In Arizona, hospitals won’t discharge or refuse to admit patients who medically need to be there, said Peter Wertheim, spokesman for the Arizona Hospital and Healthcare Association. "Hospitals will get stuck with the bill," he said.
That will most likely be the case for all hospitals.
And the result?
Advocates for the needy and hospital executives say the moves will restrict access to care, force hospitals to absorb more costs and lead to higher charges for privately insured patients.
And what will happen?
Cost will continue to spiral upward for everyone.
And continue to do so.
For fiscal 2012, the association estimated state Medicaid spending will rise 19%, largely because of the end of the federal stimulus dollars.
The program served 69 million people last year.
That number will go up as millions are added under ObamaCare.
Your “cost cutting” government at work.
And frankly, I think they’re right:
– There is little appetite among American voters for additional regulations coming out of Washington. Three quarters (74%) of voters throughout the country believe that businesses and consumers are over-regulated. Further, another two thirds (67%) believe that regulations have increased over the past few years. These percentages include majorities of all partisan affiliations, with 91% of Republicans, 75% of Independents and 58% of Democrats saying businesses/consumers are over-regulated.
Now you may argue that “over-regulation” may mean different things to different groups. However in each case the term “over” has specific meaning – it means there’s too much regulation. While they may argue about the degree of over-regulation, it appears that each and every group sees over-regulation in the same and proper light.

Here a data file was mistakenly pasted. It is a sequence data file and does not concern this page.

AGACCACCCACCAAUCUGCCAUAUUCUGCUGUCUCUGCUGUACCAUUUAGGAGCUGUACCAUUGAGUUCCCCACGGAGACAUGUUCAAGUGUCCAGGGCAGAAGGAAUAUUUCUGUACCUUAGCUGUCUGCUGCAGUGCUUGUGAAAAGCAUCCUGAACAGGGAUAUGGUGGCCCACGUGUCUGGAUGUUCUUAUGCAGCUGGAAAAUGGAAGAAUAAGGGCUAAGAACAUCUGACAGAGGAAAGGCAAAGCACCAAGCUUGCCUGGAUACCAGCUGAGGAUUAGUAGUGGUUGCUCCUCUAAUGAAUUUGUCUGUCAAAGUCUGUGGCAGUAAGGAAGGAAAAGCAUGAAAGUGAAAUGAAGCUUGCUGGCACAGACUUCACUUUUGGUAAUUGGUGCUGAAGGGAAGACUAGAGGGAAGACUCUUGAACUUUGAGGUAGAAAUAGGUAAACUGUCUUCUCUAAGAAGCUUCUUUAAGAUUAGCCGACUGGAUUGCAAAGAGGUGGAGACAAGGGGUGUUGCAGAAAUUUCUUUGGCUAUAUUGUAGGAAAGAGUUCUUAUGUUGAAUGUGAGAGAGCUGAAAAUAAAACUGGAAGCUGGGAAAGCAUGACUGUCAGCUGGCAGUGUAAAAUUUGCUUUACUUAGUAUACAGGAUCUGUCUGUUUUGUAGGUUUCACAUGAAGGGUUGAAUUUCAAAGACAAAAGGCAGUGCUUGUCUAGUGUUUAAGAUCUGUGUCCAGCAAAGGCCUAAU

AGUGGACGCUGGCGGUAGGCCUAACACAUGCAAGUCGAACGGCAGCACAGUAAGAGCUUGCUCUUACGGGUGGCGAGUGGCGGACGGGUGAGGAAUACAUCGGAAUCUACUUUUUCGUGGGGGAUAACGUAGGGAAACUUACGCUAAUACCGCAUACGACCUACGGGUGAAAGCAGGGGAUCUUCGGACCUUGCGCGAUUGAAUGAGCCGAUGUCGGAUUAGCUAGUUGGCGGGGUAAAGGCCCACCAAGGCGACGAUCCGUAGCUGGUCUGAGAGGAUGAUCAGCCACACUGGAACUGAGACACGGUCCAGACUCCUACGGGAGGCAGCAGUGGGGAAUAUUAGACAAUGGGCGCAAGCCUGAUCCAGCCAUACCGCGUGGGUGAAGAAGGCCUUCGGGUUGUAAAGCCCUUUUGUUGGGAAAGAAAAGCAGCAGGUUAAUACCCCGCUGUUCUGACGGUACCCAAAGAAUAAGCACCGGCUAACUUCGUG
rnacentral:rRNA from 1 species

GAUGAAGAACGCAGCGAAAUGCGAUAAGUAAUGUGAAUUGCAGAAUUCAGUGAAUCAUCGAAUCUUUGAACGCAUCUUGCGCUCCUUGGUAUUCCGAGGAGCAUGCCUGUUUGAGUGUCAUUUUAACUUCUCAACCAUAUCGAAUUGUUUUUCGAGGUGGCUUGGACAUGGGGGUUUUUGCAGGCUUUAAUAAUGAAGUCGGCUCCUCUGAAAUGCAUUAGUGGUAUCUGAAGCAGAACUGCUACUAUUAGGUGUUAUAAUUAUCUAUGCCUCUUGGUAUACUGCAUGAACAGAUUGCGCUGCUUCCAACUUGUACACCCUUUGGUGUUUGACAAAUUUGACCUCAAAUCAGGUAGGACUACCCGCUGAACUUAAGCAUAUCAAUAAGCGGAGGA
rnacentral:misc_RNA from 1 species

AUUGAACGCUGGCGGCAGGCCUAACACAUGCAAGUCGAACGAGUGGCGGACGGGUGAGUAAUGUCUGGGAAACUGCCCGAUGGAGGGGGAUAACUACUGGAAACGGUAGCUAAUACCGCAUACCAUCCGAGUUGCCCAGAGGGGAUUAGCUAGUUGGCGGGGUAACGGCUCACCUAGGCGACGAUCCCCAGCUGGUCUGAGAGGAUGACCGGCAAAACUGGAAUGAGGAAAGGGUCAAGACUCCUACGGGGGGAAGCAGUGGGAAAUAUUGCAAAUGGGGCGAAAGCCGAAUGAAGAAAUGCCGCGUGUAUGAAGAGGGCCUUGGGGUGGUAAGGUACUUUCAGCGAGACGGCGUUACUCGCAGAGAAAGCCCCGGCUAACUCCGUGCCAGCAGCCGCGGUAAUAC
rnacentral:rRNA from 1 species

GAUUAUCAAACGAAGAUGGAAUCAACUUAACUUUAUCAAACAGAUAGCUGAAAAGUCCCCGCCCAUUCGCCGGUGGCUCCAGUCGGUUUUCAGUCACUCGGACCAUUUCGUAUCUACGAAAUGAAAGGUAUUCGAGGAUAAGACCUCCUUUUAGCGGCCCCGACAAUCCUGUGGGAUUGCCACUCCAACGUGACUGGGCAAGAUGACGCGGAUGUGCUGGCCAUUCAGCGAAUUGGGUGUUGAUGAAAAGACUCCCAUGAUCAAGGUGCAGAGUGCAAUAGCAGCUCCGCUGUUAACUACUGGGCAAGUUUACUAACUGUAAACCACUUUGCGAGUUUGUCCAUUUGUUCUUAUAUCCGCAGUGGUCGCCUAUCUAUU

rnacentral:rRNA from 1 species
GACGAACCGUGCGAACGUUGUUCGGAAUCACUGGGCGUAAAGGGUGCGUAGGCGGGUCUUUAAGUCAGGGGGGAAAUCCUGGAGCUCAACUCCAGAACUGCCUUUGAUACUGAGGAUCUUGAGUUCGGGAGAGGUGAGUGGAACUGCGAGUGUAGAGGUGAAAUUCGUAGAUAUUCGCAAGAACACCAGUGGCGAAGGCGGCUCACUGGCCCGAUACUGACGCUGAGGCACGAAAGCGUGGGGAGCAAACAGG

– A key fear among voters is that regulations will hinder job creation, as most believe the result of new regulation will be either job losses (47%) or increased prices for American made goods and services (22%).
Or both. You see, businesses will absorb only so much (job losses) before passing along the cost of regulatory compliance in the cost of their goods and services. We’re well past the first part in this recession. Businesses are about as lean and mean as they can stand to be and still function well. Additional regulatory cost, then, is likely to be passed on to consumers – another among many reasons consumer confidence is down.
– More than two thirds (70%) believe increasing the number of regulations on American businesses will result in more jobs moving overseas. Also, majorities agree that the increasing number of regulations have created uncertainty for large and small businesses (66%), and that agencies who enforce regulations fail to consider how their decisions lead to increased prices for consumers and job losses (69%).
All three of these beliefs among those polled is on the money. The amount of regulation is a key consideration for businesses when they assess a business climate. Their cost is calculated in the cost of doing business there. And when that cost is deemed to be too much or too unreasonable, businesses look around for a less costly place to establish themselves. We’ve seen this right here in the US as states with more regulation and higher taxes lose businesses to states that impose a less costly regime of taxes and regulations. They don’t call the Midwest the “Rust Belt” for nothing.
And those polled are right when they say they believe those who impose regulations “fail to consider how their decisions lead to increased prices for consumers and job losses”. But while regulators may not consider it, voters apparently do:
– One of the highest points of agreement in the survey is the fact that 73% concur that “every time the federal government mandates a new regulation on America’s large and small business, the prices of American made good and services like gasoline and food go up.” Only 22% supported the view that “while many federal regulations might be just another burden to operations of America’s large and small businesses, customers do not see major cost increases for American made goods and services like gasoline and food.”
In a study, The Small Business Association found that the regulatory burden on small business in this country was quite high:
The research finds that the cost of federal regulations totals $1.1 trillion; the cost per employee for firms with fewer than 20 employees is $7,647.
Under 20 employees is indeed a “small business” yet most would agree, $7,647 in compliance costs per employee is a lot of money. It is over $140,000 for the 20 employee firm. That money has to be made up somewhere, just to break even, much less turn a profit. And it is clear that depending on the type of firm and needs of the employer, any number of employees could be hired for that amount. And don’t forget, small businesses account for about 80% of the jobs in the US.